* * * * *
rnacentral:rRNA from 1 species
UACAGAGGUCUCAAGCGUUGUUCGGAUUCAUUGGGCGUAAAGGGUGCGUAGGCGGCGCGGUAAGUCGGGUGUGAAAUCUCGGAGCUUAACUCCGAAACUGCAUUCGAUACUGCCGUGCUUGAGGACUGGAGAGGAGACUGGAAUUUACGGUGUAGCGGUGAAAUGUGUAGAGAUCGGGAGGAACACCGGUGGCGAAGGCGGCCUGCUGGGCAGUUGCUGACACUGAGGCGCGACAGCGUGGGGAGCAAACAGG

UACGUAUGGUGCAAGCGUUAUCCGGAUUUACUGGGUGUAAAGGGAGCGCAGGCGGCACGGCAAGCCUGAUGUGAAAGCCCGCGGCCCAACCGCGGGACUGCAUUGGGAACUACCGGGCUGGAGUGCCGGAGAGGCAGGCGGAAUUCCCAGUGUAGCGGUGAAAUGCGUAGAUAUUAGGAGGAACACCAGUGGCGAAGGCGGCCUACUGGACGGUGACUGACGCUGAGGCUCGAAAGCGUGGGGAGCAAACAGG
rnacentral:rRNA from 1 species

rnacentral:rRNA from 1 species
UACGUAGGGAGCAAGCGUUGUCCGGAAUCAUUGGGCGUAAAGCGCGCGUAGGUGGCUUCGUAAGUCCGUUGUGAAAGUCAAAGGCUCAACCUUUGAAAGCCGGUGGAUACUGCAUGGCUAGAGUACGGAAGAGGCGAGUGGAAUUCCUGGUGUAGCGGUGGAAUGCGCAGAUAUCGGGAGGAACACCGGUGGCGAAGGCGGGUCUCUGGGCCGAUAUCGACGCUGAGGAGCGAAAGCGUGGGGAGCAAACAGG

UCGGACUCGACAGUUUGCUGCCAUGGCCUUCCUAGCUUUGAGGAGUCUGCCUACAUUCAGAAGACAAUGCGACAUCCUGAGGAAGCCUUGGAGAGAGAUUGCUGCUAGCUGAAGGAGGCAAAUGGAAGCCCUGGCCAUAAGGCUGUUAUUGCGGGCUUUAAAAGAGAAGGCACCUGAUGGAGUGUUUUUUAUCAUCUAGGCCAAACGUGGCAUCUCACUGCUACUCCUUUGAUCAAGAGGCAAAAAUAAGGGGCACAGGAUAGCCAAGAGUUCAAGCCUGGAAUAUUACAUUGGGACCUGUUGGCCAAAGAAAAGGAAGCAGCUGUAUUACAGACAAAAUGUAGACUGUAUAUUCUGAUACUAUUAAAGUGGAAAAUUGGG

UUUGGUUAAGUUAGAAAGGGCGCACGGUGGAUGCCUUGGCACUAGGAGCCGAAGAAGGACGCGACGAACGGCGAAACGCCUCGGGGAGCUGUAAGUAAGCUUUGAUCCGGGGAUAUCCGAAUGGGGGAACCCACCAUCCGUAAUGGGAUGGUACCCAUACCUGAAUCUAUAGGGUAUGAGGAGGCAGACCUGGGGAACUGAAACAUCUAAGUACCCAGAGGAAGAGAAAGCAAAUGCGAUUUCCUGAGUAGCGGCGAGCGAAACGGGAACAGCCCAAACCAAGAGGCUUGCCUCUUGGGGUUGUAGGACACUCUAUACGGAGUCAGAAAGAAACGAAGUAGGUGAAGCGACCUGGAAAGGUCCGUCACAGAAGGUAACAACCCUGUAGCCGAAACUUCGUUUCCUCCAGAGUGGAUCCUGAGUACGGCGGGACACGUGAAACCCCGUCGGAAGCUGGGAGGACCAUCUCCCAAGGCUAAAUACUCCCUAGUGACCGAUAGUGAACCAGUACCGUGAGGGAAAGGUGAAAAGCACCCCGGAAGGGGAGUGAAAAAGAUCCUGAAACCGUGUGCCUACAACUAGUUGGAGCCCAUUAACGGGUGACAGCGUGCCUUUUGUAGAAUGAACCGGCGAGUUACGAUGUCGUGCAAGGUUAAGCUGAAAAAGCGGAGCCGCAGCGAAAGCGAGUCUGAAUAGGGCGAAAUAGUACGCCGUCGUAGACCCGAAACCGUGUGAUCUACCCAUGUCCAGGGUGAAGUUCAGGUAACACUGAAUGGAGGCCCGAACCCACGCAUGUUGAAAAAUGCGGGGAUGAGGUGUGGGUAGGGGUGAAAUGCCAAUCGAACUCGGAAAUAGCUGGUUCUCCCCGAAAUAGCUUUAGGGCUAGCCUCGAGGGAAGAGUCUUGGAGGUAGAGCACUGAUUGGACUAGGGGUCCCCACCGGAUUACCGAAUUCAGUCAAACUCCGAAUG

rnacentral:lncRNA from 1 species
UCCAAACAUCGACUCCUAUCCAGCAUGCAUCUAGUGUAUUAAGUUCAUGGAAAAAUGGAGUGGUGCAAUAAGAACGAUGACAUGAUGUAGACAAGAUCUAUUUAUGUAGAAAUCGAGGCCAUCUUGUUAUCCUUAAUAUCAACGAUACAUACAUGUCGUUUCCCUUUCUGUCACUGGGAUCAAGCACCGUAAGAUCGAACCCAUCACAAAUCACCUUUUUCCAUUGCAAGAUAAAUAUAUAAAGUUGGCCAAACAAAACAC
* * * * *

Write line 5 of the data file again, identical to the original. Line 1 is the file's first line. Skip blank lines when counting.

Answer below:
rnacentral:rRNA from 1 species